This is a guest post by Herbert Freeman.
This week has suddenly exploded with opinions from various establishment figures across the political spectrum about a homogenous encampment in the financial district that has existed for about a month and has been an object of scorn and ridicule and physical abuse until now.
NYC Police Commissioner Kelly, instead of evasive defense of the abuses of his “white shirt” police commanders, in the face of the multiple videos, that throw the lie back to his face is now whining about the cost to the department. Perhaps we should thank him for increasing the pay to his patrolmen and using them to increase the size of the participants four and five-fold.
Mayor Bloomberg, in his normal arrogant deviousness, first deliberately misconstrued the protest as an attack on the ordinary wage earners in the financial sector, rather than the institutions that employ them. His new attack is that his tax base is being damaged, though the protesters are trying to increase his tax income by having the privileged pay a fair share. This, at a time when he not only has enlarged the unemployment rolls, but the callous immorality in high places, that the protesters deplore, the concept of “Get Mine First, To Hell With the Rest,” has slopped over into several areas of his own city administrations.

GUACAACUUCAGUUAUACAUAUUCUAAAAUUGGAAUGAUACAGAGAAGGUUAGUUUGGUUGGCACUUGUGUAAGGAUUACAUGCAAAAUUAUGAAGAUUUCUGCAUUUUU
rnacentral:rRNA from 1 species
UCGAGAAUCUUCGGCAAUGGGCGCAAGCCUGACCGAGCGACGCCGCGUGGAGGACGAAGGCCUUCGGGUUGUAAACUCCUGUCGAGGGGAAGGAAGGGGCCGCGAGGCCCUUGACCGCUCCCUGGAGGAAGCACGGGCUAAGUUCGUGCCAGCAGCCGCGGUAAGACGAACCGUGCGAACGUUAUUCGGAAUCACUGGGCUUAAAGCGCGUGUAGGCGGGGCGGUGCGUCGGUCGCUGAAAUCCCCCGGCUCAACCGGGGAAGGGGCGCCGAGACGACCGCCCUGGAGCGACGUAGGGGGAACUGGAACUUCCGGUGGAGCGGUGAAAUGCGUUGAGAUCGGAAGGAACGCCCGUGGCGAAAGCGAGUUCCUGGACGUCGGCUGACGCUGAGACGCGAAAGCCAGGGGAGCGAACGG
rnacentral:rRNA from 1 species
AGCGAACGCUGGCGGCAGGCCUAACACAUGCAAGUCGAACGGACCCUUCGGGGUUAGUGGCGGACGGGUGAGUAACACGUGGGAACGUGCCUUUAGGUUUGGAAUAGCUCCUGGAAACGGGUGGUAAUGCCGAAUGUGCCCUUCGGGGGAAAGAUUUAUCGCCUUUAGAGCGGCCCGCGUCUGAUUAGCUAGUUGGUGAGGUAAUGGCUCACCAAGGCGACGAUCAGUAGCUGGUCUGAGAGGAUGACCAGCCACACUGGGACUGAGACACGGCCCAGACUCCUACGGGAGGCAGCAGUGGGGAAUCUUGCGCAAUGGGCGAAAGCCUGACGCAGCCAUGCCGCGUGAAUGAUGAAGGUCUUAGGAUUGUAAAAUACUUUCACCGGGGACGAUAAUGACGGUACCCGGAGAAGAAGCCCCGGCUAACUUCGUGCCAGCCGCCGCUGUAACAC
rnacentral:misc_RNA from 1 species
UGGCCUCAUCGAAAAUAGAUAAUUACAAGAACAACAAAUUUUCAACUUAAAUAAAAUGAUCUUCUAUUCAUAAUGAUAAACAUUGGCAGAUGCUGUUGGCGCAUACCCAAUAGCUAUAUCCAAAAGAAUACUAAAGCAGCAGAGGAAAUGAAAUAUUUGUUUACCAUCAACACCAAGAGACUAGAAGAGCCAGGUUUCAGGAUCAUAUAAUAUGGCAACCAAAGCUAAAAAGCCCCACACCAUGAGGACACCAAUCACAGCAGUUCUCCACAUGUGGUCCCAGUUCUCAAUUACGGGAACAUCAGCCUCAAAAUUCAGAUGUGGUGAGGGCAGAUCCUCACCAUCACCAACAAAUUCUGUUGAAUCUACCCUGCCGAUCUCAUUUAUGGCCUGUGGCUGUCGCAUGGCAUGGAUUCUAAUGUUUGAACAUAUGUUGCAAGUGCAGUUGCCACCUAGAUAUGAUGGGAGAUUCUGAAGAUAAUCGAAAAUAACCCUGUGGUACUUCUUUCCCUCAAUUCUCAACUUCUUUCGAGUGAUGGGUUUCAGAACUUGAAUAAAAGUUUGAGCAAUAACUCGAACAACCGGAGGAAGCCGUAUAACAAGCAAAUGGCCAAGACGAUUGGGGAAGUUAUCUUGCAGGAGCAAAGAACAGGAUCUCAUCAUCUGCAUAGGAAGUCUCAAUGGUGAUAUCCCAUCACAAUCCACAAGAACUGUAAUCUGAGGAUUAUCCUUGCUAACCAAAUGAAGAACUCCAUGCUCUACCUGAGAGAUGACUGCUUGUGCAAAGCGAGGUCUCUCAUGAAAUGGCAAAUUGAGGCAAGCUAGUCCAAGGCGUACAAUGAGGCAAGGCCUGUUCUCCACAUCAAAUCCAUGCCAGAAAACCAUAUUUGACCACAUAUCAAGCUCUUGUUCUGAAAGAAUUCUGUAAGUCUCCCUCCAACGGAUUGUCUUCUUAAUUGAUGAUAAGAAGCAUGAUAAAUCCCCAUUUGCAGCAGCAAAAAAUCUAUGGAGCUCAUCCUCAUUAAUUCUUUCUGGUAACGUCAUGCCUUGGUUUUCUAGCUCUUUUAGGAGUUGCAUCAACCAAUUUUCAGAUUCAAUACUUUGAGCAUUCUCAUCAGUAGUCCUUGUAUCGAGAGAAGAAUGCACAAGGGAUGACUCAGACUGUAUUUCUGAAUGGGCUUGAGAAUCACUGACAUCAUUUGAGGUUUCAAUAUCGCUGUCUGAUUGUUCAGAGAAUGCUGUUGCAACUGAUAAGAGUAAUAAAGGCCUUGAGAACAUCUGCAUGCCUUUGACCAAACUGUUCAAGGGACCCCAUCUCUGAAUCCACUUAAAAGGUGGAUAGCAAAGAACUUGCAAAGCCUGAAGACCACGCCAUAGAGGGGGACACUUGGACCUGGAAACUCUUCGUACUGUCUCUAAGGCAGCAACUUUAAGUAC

Now the pundits are starting to devaluate the movement, by analyses which tend to show that “they don’t really know what they want.” This, of course, is most common among those sharp observers, who never saw a housing bubble coming, and denied the possibility of a recession, while it was in full swing, as ordinary market fluctuations.
On the other end of the pendulum, are the psychics, who ponder is this like a left-wing Tea Party reaction? Are these the same people (or their grandchildren), who protested the Vietnam War, the Korean War, the
War, celebrating its 10th birthday with no end in sight? Afghanistan
Perhaps, they say, it’s like the youth and student protests in Tianenem Square, that Occupation there was good because it was a protest in China or like the street protests, also in a square, in Bahrain, that was bad because it jeopardized our oil interests. Maybe like the ones in
(that was good, they aren’t our ally), or Tel Aviv on Rothschild Boulevard Syria
(that was bad because they are our ally in destroying
Middle East peace).
(that was bad because they are our ally in destroying
How about the Arab Spring in
(good), Tunisia (the jury is out), Cairo (bad, we control the oil). But the real question should be how do we handle peaceful (but sometimes disruptive) dissent in the most advanced democratic nation in the world, with strong constitutional guarantees of freedom of speech and assembly? Yemen
These demonstrations, which are showing signs of growth in other areas of the
and United States , gave birth in the heart of Canada , the largest and most advanced city in terms of this country’s economy. We also happen to have the largest police army and prison system. New York City